5. Solid Air Freshener: Plug-ins are rarely allowed in dorms, but you can place a solid or gel freshener in your closet (by your shoes) and tuck another under your bed. Extra-strong odors? Bamboo charcoal bags are a pricey option, but they work incredibly well. Choose a neutral or “fresh” smell, not “flowery” or “citrus” as you don’t know your roommate’s sensitivity to different scents. Bodies, dirty clothes, third-hand smoke and old dorms all get very smelly. Unless you are moving into a brand-new dorm with a neat-freak roommate, these fresheners can be lifesavers. Or at the very least, roommate-savers.
Bottom Line: Add these five items to your list for a smoother move-in and a healthier, safer semester! (If you’re flying, pack the glasses & shop for the rest when you arrive.) Good Luck!
The Ultimate College Student Health Handbook: Your Guide for Everything from Hangovers to Homesickness by Jill Grimes, MD, FAAFP, is a great guide for college students and their parents. As a mom of a soon-to-be college student (Youngstown State University – Honors College in the fall, if everything is back to normal), it was really helpful to think of so many things I never would have. Even though I have my bachelor’s degree, I went to local colleges without dorms, so I never had the experience of dorm life. I can provide lots of good advice for Keira as she goes off to college, but for some things, we need to look elsewhere. I really liked that the book was easy to read and had plenty of practical advice. Nothing too complicated. This is something that Keira will be taking with her when she heads off to school. While I’m hoping she’ll call me for most of the things she needs, I’m glad to know she has this guide to help as well. 🙂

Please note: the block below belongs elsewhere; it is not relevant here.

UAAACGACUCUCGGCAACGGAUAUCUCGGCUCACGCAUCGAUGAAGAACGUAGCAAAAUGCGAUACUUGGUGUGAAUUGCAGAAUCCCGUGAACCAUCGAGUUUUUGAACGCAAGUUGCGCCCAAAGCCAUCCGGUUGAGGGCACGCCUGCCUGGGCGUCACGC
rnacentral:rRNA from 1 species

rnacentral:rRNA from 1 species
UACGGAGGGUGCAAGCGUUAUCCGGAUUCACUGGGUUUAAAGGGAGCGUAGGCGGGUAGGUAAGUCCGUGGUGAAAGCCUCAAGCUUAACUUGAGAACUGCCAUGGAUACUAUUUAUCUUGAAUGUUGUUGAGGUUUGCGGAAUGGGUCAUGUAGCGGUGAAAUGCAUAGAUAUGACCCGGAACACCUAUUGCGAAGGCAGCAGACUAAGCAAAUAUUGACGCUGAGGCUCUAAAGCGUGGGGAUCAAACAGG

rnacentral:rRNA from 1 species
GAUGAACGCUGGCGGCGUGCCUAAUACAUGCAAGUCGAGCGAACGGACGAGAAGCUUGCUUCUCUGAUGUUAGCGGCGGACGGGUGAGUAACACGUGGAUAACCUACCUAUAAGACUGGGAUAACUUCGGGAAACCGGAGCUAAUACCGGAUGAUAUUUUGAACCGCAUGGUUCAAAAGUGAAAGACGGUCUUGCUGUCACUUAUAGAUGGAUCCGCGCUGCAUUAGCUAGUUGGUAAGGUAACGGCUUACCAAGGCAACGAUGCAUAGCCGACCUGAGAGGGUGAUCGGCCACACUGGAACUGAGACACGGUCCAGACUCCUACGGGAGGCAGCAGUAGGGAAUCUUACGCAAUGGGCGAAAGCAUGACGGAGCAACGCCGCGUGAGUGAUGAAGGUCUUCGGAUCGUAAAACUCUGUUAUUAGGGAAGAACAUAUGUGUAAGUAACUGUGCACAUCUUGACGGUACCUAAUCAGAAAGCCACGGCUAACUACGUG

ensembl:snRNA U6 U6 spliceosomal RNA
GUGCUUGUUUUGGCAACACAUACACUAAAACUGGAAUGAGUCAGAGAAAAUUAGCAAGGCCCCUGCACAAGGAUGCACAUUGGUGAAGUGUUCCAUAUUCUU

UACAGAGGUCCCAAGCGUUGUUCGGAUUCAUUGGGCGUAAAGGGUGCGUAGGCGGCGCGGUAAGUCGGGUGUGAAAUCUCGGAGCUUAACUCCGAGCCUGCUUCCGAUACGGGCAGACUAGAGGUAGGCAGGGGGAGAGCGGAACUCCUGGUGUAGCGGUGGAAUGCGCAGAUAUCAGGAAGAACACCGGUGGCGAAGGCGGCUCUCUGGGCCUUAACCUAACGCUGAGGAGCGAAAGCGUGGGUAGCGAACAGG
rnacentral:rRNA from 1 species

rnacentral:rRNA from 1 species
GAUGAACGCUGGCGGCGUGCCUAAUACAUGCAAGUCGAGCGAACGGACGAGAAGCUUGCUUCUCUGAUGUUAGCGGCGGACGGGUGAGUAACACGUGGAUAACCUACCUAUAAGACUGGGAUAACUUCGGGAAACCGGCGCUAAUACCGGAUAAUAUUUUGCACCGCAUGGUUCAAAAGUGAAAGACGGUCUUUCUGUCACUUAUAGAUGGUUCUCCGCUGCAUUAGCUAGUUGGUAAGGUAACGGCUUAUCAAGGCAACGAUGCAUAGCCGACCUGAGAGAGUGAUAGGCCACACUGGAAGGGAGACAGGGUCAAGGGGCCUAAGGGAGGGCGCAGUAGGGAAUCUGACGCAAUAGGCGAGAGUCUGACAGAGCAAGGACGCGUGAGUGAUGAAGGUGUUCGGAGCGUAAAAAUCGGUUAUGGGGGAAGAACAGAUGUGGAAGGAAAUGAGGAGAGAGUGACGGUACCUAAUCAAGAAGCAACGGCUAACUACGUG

About the Author
Jill Grimes, MD, FAAFP, is a nationally recognized medical media expert, award-winning author, medical editor, and Board-Certiﬁed Family Physician. Her passion is prevention, and her message spans print (Parenting Magazine, Glamour, etc.), online (Reﬁnery29, Foxnews.com, etc.), and television and radio talk shows (Sirius XM Doctor Radio). After two decades of private practice, Dr. Grimes now enjoys seeing patients at the University of Texas in Austin. She is a proud mom to two awesome collegiate daughters. Academically, Dr. Grimes enjoys educating healthcare professionals by speaking at national AAFP, Pri-Med®, and Harvard Medical School conferences, and remains on clinical faculty at UMASS Medical School.
1,190 total views, 2 views today